Lord Mountbatten’s body was taken to shore on Edward Dawson’s fourteen-foot rubber Zodiac. Charlie Pearce’s dinghy relayed Timothy Knatchbull’s seriously injured parents and grandmother. Knatchbull himself was aboard Dick and Elizabeth Wood-Martin’s boat which, with its engine spluttering, made slow progress back to harbour.

Paul Maxwell’s body arrived on Gus Mulligan’s boat, where it was discovered by Paul’s distraught father, John Maxwell. Patricia Brabourne’s dog Twiga also perished and was recovered. But at this point in the book there is no mention of what became of Knatchbull’s twin brother Nicolas, still missing.

At Sligo general hospital Dr Tony Heenan led a small team of doctors and nurses, handling the emergency efficiently and sympathetically. When they were well enough, Timothy and Patricia Brabourne were told that Nicolas had died. Patricia later described it as 'the worst moment of my life'. She decided she did not have the strength even to think about it and that she would deal with it once she had a bit more life in her.

A family friend, Sylvia Crathorne, who came to Classiebawn to support the wounded while family members attended the funeral of Lord Mountbatten, Lady Brabourne and Nicholas Knatchbull in England wrote to her sister:

'I can’t tell you how devastating, how moving, how heartrending this nightmare is. It’s impossible really to describe what a bomb victim looks like – not so as to let the other person feel the full sickening horror.'

Dr Heenan went beyond the call of duty to comfort Norton Knatchbull, the Brabourne’s eldest son who had arrived from England to be with his brothers and sisters. He grabbed a bottle of whiskey and took Norton into one of the drawing rooms at Classiebawn castle, emerging later to warn that 'there should be no more stiff upper lips here'.

As well as detailed accounts of the trial of McMahon and McGirl, the author analyses the inadequate security surrounding Mountbatten and his family. He assesses the IRA’s motives in targeting Mountbatten and describes the complex nature of support for the Republican movement among the population of Ireland in 1979, quoting both Gerry Adams and John Hume.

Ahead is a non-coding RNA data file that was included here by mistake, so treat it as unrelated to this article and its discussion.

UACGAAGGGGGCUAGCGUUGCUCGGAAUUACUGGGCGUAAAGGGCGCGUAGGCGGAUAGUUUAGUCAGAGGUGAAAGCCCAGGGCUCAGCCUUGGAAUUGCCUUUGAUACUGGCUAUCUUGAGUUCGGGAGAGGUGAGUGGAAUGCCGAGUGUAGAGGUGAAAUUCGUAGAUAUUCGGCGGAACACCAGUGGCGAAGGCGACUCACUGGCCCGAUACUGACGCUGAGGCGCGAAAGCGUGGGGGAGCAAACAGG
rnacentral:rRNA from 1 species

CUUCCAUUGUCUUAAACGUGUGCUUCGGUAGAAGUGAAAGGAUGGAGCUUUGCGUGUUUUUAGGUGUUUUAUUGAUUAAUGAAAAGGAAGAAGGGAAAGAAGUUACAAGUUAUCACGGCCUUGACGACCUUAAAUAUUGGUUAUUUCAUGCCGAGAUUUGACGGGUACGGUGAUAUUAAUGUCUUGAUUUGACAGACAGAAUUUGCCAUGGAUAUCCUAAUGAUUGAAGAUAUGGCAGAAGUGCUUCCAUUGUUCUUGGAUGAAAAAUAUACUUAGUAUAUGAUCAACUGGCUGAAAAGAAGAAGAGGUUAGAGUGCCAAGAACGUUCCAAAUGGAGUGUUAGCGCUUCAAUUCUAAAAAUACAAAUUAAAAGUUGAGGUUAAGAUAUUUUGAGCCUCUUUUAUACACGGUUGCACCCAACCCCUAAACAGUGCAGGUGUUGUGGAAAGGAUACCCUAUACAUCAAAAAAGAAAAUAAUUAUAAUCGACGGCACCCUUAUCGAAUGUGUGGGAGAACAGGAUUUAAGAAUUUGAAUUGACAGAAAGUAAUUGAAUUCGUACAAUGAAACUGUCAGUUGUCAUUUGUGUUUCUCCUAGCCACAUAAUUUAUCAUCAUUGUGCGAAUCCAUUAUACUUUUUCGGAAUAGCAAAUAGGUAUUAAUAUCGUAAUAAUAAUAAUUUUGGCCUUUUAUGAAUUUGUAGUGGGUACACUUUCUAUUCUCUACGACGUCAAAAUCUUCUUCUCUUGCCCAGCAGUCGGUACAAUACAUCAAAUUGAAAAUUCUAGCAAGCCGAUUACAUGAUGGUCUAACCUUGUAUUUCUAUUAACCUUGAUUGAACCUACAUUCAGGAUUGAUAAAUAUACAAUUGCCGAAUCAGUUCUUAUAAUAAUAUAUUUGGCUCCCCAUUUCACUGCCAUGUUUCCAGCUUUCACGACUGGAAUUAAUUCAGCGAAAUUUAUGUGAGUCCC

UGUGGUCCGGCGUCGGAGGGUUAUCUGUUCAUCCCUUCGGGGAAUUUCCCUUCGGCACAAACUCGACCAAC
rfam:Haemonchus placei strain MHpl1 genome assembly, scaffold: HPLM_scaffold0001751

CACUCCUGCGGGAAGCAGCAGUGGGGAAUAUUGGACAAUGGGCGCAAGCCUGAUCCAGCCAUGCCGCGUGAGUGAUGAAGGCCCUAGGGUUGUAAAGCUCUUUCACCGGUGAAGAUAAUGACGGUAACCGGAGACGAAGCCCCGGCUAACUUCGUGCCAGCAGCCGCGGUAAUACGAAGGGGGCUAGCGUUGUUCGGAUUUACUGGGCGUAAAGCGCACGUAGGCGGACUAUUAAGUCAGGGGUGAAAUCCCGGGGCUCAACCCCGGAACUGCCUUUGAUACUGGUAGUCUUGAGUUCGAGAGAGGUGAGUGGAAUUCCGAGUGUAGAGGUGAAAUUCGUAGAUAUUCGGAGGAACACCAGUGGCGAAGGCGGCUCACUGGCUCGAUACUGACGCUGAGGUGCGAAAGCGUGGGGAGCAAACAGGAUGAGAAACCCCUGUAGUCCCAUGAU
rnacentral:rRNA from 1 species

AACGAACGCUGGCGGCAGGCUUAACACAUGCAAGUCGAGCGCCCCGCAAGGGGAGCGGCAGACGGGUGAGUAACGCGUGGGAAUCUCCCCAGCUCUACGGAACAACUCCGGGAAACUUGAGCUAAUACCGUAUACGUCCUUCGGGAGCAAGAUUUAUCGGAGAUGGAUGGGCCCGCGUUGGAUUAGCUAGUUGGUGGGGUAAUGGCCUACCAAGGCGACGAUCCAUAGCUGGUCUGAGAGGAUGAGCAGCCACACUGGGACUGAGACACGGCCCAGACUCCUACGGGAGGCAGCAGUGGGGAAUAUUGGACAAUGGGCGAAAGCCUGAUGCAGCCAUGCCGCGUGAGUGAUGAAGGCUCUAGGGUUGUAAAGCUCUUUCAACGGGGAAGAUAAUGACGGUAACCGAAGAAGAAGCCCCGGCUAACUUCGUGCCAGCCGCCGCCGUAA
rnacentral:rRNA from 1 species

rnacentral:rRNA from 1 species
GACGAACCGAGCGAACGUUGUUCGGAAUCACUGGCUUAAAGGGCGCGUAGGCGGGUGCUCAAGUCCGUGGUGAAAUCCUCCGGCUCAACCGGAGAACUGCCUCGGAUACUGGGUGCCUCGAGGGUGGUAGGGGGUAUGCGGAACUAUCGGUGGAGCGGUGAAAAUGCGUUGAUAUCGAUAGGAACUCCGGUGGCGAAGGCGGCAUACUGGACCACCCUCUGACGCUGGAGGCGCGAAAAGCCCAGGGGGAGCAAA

http://www.culturenorthernireland.or...clear-blue-sky


So for a factual account from one of the victims that would be what to read, though, I imagine the Queen will pop up every so often.

Last edited by CDfm; 27-08-2011 at 12:22.
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27-08-2011, 14:37   #10
 
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Since you mentioned Mountbatten's cousin the Queen, does anyone know if his death had anything to do with his cousin giving the commanding officer of the para's on Bloody Sunday Derry an OBE
Those awards are chosen by politicians. and more than likely the Cabinet of Jim Callaghan who was suceeded by Margaret Thatcher in May of 1979.

Hardly a reason to kill two 14 year old boys who were as much of a target.

As the Maxwell boys father said

Quote:
Maxwell said that when his son originally took the summer job on Mountbatten’s boat he had some concerns about his safety. “But Paul was so keen I thought if someone wanted to take Mountbatten they could do it without taking small kids or anybody else with him. I thought the risk didn’t seem all that serious.”

http://www.timesonline.co.uk/tol/new...cle6797845.ece
Thats Dad talk and as a Dad it resounds with me